2. Adequate Hydration: Drink plenty of water to stay hydrated, which aids digestion and helps soften stools.
  3. Limit Processed Foods: Reduce processed and spicy food intake, which may irritate the digestive system.
  4. Avoid Straining: Stick to foods that are easy to digest and do not require excessive straining during bowel movements.
  5. Small, Frequent Meals: Opt for smaller, more frequent meals to ease digestion and prevent digestive system overload.


Stapler surgery for piles is generally suitable for adults of various age groups, but the decision is based on individual health conditions rather than strict age restrictions.

Doctors assess each patient's overall health to determine the appropriateness of the procedure, considering factors such as medical history and existing health issues.


Stapler treatment for piles is generally not recommended during pregnancy due to potential risks. Pregnant women experiencing haemorrhoidal symptoms are advised to explore alternative options. 

It can include dietary modifications, topical treatments, and consulting their healthcare provider for safe management during pregnancy.


The common indications for opting stapler treatment for piles are:

  1. Persistent Symptoms: When conservative measures like dietary changes and medications fail to relieve persistent symptoms such as bleeding and discomfort.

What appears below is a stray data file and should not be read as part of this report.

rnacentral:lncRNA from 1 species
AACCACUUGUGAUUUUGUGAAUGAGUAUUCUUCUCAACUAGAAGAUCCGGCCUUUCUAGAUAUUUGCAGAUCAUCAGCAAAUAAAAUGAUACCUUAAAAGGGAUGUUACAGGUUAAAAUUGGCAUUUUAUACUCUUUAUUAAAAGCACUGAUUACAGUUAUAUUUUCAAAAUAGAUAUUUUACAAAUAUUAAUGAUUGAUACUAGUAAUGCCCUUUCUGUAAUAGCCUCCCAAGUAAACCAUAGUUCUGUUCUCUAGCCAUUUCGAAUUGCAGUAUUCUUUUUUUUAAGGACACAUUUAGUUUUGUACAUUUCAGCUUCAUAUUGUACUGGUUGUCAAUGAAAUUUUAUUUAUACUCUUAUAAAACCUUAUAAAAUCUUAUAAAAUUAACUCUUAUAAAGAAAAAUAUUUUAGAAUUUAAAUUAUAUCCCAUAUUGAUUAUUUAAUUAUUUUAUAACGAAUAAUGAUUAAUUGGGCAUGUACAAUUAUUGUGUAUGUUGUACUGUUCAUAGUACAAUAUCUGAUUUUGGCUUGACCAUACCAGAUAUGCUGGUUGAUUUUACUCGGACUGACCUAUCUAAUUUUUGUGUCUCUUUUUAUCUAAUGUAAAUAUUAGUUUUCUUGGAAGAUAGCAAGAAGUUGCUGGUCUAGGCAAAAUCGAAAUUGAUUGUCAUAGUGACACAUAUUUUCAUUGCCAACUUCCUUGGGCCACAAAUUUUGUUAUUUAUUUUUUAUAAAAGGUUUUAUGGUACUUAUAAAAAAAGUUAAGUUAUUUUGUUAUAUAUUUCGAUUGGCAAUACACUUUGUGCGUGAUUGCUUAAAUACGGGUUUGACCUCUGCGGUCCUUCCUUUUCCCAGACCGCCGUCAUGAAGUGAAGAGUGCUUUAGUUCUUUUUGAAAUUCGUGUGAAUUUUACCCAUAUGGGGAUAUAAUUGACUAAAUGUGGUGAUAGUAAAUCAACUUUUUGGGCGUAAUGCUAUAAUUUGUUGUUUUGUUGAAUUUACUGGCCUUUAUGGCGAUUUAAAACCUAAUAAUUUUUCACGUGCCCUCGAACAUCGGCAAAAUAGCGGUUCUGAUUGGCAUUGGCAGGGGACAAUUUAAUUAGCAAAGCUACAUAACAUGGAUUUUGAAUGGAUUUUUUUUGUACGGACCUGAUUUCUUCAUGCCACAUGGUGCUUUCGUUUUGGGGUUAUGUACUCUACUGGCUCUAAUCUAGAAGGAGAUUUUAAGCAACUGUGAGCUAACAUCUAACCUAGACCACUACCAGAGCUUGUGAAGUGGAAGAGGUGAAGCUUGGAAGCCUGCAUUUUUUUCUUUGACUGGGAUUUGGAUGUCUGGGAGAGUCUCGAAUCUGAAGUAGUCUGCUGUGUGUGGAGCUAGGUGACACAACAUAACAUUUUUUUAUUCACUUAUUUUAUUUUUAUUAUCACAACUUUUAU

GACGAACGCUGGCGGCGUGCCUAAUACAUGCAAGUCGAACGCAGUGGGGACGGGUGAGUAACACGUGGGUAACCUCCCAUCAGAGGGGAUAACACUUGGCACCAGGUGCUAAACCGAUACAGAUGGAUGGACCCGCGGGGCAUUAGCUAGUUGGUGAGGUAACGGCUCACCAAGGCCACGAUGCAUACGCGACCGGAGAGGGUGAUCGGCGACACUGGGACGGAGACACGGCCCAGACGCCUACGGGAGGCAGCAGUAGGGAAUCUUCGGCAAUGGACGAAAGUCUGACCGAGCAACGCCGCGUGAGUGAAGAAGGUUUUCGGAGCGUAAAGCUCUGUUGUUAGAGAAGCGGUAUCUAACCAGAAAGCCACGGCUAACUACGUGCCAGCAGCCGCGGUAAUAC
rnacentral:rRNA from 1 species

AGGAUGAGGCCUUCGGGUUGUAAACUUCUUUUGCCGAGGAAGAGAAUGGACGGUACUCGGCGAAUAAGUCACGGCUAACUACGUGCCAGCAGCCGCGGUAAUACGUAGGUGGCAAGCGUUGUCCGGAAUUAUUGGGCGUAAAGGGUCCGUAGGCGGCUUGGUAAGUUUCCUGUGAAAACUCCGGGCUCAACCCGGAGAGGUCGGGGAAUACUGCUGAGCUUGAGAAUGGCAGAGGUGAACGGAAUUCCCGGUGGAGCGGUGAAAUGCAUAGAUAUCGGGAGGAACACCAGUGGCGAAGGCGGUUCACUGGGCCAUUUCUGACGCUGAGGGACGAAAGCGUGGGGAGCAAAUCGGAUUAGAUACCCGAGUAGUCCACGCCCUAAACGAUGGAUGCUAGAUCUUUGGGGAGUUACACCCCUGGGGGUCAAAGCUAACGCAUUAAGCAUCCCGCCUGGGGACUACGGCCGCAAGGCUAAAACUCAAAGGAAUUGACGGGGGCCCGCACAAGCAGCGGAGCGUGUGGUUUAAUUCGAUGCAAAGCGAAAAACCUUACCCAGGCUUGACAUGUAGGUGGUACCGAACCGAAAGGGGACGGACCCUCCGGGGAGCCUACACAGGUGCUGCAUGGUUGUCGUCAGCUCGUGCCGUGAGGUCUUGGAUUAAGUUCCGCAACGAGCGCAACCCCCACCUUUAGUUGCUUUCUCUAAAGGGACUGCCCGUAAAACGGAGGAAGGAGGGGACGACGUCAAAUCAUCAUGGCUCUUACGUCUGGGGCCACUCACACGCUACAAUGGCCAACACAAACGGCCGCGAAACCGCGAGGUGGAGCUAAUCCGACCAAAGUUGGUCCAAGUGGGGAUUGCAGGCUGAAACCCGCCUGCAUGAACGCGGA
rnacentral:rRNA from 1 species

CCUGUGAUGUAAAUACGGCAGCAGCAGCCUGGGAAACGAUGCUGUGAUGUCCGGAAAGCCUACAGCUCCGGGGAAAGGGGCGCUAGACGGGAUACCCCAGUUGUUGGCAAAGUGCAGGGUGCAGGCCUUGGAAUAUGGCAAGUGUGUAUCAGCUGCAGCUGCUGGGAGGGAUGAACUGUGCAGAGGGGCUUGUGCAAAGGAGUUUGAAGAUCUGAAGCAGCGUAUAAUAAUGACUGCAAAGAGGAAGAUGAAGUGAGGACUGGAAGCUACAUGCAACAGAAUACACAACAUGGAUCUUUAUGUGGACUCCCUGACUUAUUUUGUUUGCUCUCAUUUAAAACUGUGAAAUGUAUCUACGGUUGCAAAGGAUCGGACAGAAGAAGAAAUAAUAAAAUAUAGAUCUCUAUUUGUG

2. Bleeding: If there is ongoing rectal bleeding despite other conservative treatments.

  3. Advanced Haemorrhoids: In grade III or IV haemorrhoids, stapler haemorrhoidectomy may be considered when it is not responding well to less invasive treatments.

  4. Prolapsed Haemorrhoids: When haemorrhoids protrude from the anal opening, causing discomfort and hindering daily activities.



All the articles on HexaHealth are supported by verified medically-recognized sources such as; peer-reviewed academic research papers, research institutions, and medical journals. Our medical reviewers also check references of the articles to prioritize accuracy and relevance. Refer to our detailed editorial policy for more information.

  1. Cristea C, Lewis CR. Hemorrhoidectomy. [Updated 2023 Jul 3]. In: StatPearls [Internet]. Treasure Island (FL): StatPearls Publishing; 2023 Jan-.link